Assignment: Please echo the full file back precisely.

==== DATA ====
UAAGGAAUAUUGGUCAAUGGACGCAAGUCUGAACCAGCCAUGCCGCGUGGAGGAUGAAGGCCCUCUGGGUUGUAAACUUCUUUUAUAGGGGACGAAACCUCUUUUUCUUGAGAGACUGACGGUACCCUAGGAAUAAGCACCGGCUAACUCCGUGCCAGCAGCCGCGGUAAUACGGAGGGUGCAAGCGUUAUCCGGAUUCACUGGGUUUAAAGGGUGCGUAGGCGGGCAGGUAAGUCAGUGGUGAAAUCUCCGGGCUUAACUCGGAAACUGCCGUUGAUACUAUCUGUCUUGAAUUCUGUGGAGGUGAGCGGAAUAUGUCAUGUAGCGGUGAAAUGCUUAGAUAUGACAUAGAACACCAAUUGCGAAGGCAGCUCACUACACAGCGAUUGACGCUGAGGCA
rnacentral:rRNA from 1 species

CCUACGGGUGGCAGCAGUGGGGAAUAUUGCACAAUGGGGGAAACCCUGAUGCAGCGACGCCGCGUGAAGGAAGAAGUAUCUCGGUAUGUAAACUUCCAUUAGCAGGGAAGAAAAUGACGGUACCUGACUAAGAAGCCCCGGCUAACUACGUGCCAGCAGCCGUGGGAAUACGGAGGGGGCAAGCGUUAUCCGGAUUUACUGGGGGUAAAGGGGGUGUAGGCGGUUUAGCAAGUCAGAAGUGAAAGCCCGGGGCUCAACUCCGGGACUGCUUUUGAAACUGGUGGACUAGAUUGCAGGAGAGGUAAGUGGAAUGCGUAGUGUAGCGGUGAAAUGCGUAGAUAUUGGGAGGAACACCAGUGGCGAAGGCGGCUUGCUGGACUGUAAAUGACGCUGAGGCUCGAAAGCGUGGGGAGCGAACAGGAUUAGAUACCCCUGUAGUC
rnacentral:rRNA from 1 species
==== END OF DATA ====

UAAGGAAUAUUGGUCAAUGGACGCAAGUCUGAACCAGCCAUGCCGCGUGGAGGAUGAAGGCCCUCUGGGUUGUAAACUUCUUUUAUAGGGGACGAAACCUCUUUUUCUUGAGAGACUGACGGUACCCUAGGAAUAAGCACCGGCUAACUCCGUGCCAGCAGCCGCGGUAAUACGGAGGGUGCAAGCGUUAUCCGGAUUCACUGGGUUUAAAGGGUGCGUAGGCGGGCAGGUAAGUCAGUGGUGAAAUCUCCGGGCUUAACUCGGAAACUGCCGUUGAUACUAUCUGUCUUGAAUUCUGUGGAGGUGAGCGGAAUAUGUCAUGUAGCGGUGAAAUGCUUAGAUAUGACAUAGAACACCAAUUGCGAAGGCAGCUCACUACACAGCGAUUGACGCUGAGGCA
rnacentral:rRNA from 1 species

CCUACGGGUGGCAGCAGUGGGGAAUAUUGCACAAUGGGGGAAACCCUGAUGCAGCGACGCCGCGUGAAGGAAGAAGUAUCUCGGUAUGUAAACUUCCAUUAGCAGGGAAGAAAAUGACGGUACCUGACUAAGAAGCCCCGGCUAACUACGUGCCAGCAGCCGUGGGAAUACGGAGGGGGCAAGCGUUAUCCGGAUUUACUGGGGGUAAAGGGGGUGUAGGCGGUUUAGCAAGUCAGAAGUGAAAGCCCGGGGCUCAACUCCGGGACUGCUUUUGAAACUGGUGGACUAGAUUGCAGGAGAGGUAAGUGGAAUGCGUAGUGUAGCGGUGAAAUGCGUAGAUAUUGGGAGGAACACCAGUGGCGAAGGCGGCUUGCUGGACUGUAAAUGACGCUGAGGCUCGAAAGCGUGGGGAGCGAACAGGAUUAGAUACCCCUGUAGUC
rnacentral:rRNA from 1 species